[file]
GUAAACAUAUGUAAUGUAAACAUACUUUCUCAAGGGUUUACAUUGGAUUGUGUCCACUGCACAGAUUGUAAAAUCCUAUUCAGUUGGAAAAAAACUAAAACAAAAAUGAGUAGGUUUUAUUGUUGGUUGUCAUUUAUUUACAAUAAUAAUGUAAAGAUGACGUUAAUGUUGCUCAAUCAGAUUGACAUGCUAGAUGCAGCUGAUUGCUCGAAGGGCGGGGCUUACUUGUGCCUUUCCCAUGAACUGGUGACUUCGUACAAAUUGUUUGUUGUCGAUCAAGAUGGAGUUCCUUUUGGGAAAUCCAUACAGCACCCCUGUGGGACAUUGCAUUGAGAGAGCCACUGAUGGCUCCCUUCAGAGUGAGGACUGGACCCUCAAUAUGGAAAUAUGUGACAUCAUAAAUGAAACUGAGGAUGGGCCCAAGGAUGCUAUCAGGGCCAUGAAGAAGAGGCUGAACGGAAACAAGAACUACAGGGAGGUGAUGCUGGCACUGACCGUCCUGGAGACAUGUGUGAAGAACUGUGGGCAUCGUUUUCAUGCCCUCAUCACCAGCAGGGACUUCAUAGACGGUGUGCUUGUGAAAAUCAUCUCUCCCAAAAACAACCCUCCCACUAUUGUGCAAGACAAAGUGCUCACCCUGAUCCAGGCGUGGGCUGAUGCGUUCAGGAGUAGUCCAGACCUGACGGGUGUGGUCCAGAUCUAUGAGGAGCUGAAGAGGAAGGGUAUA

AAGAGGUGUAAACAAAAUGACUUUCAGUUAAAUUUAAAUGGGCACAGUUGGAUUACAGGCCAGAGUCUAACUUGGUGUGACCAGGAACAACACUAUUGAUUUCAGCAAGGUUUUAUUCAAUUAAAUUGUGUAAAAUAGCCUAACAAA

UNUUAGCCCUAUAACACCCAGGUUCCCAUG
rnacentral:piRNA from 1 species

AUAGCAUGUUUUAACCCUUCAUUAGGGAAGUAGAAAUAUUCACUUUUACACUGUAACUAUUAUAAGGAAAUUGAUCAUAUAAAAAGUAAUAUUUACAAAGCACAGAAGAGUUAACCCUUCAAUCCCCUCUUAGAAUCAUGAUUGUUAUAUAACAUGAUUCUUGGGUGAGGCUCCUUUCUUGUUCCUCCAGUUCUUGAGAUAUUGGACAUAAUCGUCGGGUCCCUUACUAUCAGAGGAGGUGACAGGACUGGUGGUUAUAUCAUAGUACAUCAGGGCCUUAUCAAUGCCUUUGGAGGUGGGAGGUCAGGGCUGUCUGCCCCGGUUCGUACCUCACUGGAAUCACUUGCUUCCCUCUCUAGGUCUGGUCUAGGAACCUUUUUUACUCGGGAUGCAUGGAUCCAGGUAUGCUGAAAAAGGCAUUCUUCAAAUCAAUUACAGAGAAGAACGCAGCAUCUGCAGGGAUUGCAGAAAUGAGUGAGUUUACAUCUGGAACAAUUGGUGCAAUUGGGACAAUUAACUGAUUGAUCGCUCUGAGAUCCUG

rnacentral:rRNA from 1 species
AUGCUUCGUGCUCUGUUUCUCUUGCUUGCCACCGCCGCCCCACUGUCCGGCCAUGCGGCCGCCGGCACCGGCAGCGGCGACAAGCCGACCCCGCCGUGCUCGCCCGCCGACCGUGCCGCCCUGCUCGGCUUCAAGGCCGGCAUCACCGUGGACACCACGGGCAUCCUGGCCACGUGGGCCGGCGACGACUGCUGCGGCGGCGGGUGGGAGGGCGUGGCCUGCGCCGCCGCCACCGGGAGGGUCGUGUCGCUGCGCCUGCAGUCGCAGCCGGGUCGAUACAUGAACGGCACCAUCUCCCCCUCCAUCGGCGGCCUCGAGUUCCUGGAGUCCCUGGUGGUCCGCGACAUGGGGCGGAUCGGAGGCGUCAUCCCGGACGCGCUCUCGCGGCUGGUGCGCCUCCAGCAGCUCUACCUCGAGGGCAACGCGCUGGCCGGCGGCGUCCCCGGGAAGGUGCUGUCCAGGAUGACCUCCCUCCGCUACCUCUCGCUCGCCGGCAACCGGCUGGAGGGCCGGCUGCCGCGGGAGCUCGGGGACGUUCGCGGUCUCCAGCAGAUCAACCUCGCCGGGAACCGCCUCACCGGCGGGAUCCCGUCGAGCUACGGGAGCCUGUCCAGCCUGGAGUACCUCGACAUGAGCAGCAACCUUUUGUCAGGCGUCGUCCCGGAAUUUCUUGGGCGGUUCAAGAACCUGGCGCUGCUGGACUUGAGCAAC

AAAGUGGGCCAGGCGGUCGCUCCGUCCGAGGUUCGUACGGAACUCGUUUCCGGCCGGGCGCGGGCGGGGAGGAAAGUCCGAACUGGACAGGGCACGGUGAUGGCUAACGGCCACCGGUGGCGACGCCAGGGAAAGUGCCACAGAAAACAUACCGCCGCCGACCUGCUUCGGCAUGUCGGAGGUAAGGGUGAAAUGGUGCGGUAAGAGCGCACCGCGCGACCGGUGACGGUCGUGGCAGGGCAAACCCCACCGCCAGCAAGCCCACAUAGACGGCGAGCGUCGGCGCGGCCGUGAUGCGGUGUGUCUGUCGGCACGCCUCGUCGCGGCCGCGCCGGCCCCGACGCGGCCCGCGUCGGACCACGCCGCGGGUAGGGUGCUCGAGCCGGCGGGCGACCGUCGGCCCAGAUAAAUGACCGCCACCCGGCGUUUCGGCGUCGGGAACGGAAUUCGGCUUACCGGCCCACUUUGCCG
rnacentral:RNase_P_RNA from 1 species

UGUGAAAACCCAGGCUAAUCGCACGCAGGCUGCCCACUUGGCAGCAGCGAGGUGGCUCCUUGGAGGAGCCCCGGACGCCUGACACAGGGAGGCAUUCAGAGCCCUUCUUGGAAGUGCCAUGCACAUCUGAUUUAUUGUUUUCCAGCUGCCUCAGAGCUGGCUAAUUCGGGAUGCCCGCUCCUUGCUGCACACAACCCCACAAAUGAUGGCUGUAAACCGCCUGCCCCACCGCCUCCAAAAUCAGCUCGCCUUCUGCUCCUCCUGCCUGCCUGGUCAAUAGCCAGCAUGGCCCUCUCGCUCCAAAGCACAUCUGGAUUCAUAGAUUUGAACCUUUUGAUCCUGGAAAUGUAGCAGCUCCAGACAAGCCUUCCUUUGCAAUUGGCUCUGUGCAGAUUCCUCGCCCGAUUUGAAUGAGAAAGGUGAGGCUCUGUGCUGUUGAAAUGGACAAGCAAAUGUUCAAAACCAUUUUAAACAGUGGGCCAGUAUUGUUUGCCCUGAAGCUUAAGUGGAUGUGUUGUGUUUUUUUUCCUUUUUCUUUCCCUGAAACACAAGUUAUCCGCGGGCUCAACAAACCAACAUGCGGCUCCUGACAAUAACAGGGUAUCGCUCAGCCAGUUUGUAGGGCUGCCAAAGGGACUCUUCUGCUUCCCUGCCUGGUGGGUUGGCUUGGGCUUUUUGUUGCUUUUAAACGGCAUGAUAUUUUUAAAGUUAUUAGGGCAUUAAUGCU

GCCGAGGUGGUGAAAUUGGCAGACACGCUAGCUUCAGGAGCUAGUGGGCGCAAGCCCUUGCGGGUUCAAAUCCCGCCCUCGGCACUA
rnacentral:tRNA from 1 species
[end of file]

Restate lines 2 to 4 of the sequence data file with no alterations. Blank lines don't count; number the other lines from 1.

AAGAGGUGUAAACAAAAUGACUUUCAGUUAAAUUUAAAUGGGCACAGUUGGAUUACAGGCCAGAGUCUAACUUGGUGUGACCAGGAACAACACUAUUGAUUUCAGCAAGGUUUUAUUCAAUUAAAUUGUGUAAAAUAGCCUAACAAA

UNUUAGCCCUAUAACACCCAGGUUCCCAUG
rnacentral:piRNA from 1 species